My ode to the most under appreciated people in Ad Land: “Reps”

February 24, 2010

The almighty “Rep”

Ever notice during the Academy Awards the winners from both sides of the camera always find time to thank their agents and managers, before even co-stars and spouses? They never forget these people. Even when the cut-off music begins they do not leave that stage without thanking the manager(s) who stood by their sides and the agent(s) who put the deals together.

Odd and sad then, that during every –and I mean every- advertising awards show the winners never –and I mean never- thank the men and women who got them the very jobs that are winning them awards!

I’m of course talking about artist representatives; otherwise known as “reps.” A liaison between agency and producer, these are the folks who secure gigs for the photographers and directors who produce all our ads. An indispensable link, and yet they typically go unheralded: by agency personnel and by their own talent.

Why? Maybe it’s a form of restrained prejudice where they are considered “help” and the creative community their masters. More likely our egos and insecurities get in the way. God forbid we share credit with yet another person. Neither option is attractive (to them or us) but either way it’s been like this forever.

Yes, there are exceptions. And yes, I should probably speak for myself. But still, these soldiers of our fortune deserve better.

When I first started out, it was reps that took me to lunch, introduced me to peers, and talked to me when my supervisors wouldn’t. They came to my office, bringing coffee, cookies and directors. Entranced, I even asked a couple of them out on dates! One or two may have even said “yes.” Like I said, theirs is thankless work.

While the digital age permits reels and photos to be viewed over the Internet, the artist rep can and does play a vital role in getting jobs booked.

So… to those many tireless advocates of creativity: for all you’ve done (for me and the industry), for all you’ve endured, and for all you’ve brought to the table- Thank you!

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10 Responses to “My ode to the most under appreciated people in Ad Land: “Reps””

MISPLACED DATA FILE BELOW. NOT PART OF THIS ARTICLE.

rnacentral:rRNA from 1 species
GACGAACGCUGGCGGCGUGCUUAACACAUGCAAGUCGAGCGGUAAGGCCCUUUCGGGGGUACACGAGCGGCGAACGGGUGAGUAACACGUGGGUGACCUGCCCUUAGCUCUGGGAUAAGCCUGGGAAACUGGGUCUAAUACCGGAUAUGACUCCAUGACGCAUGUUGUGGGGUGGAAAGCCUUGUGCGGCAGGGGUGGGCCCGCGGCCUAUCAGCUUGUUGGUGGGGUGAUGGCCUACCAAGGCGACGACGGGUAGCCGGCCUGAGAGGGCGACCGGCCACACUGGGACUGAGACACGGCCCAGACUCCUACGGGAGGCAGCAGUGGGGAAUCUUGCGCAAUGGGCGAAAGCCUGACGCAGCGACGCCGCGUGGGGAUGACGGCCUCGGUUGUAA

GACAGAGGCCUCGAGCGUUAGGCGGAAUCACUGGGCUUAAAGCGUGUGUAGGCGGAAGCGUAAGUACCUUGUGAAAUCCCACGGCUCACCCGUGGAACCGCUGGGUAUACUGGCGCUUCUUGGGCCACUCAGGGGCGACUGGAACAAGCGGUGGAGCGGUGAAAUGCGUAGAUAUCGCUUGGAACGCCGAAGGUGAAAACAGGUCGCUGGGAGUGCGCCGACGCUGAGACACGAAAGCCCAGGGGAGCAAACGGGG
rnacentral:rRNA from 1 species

1. I’m sending this article to my rep as a thank you note!

    Thank you

    Leandro Ekman

  2. Lauri Aloi said

    Amen. I did it for 10 years and was lucky to be associated with people who appreciated the effort. But typically, an underestimated role. For all those that had an open door and an open mind, you made my last decade. As for the others … I don’t miss you.
    Lauri Aloi (formerly Hungry Man and Partizan)

  3. Cheers to all of them! We know that your day starts early and ends after the dinner check has been paid with you company card.Many of you have been my friends for years and even if it’s just business friends, that’s cool. You work your a**’es off to get paid and we know it gets harder and harder.
    A toast to you all.
    Damon Webster

  4. The joy of working with creative geniuses sequestered
    in their dorms, using parts of their brains account
    execs dream they had– they make our days too– with a great line by Max Beerbohm: “Each day the world
    is separated between guests and hosts–” I was always one or the other– listening to the stories of John Hughes, Peter Seaman and Jeff Price (“Roger Rabbit 2”)Tim Kazurinksy’s dialects, Don Novello’s Papal wardrobe– it was more fun for us, beleive me! Ad folks are the must amusing, “interpreters of our culture.” And most are our friends!

  5. SRP said

    Listening to tales from luminaries (and learning from them) is one of the greatest parts of all our jobs.

  6. Ann McKallagat said

    Thank you so much for the kind words on behalf of reps. It made my heart smile.

  7. Connie Mellors said

    Thanks so much ……It really does go a long long way.

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